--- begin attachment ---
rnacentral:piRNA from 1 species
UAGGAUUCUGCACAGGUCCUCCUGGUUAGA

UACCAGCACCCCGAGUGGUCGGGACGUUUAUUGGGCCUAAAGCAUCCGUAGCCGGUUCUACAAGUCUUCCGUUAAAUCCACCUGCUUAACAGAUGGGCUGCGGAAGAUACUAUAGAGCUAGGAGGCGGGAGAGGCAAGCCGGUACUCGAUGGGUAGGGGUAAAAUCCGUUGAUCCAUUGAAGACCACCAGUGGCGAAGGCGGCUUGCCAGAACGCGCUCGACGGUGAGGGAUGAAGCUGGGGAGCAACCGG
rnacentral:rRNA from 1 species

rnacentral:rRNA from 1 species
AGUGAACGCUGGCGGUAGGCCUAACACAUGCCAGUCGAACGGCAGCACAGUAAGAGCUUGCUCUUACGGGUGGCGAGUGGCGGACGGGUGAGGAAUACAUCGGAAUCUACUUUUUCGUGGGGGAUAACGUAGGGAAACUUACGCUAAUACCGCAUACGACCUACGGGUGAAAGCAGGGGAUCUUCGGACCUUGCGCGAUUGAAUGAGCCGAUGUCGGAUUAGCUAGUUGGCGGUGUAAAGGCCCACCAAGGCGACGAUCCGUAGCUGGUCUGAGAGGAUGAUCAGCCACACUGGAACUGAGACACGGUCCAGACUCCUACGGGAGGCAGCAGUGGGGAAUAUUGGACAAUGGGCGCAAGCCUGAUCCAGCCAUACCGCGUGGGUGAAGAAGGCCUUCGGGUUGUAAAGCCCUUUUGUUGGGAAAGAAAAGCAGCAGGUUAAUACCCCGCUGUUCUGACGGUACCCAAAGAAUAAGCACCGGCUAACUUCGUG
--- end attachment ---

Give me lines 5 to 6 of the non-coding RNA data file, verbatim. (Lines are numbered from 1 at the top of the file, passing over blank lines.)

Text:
rnacentral:rRNA from 1 species
AGUGAACGCUGGCGGUAGGCCUAACACAUGCCAGUCGAACGGCAGCACAGUAAGAGCUUGCUCUUACGGGUGGCGAGUGGCGGACGGGUGAGGAAUACAUCGGAAUCUACUUUUUCGUGGGGGAUAACGUAGGGAAACUUACGCUAAUACCGCAUACGACCUACGGGUGAAAGCAGGGGAUCUUCGGACCUUGCGCGAUUGAAUGAGCCGAUGUCGGAUUAGCUAGUUGGCGGUGUAAAGGCCCACCAAGGCGACGAUCCGUAGCUGGUCUGAGAGGAUGAUCAGCCACACUGGAACUGAGACACGGUCCAGACUCCUACGGGAGGCAGCAGUGGGGAAUAUUGGACAAUGGGCGCAAGCCUGAUCCAGCCAUACCGCGUGGGUGAAGAAGGCCUUCGGGUUGUAAAGCCCUUUUGUUGGGAAAGAAAAGCAGCAGGUUAAUACCCCGCUGUUCUGACGGUACCCAAAGAAUAAGCACCGGCUAACUUCGUG